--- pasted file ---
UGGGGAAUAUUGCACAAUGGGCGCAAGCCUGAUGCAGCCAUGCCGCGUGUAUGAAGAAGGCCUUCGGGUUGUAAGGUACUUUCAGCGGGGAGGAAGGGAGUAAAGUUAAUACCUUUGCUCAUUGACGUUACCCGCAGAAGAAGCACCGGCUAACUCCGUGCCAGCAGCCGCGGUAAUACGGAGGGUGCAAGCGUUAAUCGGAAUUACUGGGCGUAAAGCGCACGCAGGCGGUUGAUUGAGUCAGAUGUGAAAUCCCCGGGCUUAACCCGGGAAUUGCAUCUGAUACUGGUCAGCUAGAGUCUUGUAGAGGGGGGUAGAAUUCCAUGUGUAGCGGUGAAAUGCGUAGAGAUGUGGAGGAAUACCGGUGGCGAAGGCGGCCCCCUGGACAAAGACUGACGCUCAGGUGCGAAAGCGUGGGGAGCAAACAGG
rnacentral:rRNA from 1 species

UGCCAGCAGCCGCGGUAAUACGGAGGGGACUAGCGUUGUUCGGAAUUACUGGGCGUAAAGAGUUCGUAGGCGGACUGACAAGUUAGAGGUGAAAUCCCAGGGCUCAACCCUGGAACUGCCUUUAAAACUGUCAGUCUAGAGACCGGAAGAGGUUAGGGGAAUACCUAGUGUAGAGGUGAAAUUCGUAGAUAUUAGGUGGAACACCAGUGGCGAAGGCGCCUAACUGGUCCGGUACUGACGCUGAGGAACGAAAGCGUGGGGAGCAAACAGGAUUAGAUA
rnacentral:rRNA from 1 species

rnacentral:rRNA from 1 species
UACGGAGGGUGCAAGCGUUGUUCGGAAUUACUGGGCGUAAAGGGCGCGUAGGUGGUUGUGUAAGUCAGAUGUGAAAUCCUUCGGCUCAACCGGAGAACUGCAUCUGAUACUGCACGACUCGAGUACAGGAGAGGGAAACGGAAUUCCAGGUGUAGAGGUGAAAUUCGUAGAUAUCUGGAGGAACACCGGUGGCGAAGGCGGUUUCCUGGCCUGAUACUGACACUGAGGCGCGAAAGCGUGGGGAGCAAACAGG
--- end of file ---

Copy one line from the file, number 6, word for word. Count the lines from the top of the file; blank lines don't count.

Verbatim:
UACGGAGGGUGCAAGCGUUGUUCGGAAUUACUGGGCGUAAAGGGCGCGUAGGUGGUUGUGUAAGUCAGAUGUGAAAUCCUUCGGCUCAACCGGAGAACUGCAUCUGAUACUGCACGACUCGAGUACAGGAGAGGGAAACGGAAUUCCAGGUGUAGAGGUGAAAUUCGUAGAUAUCUGGAGGAACACCGGUGGCGAAGGCGGUUUCCUGGCCUGAUACUGACACUGAGGCGCGAAAGCGUGGGGAGCAAACAGG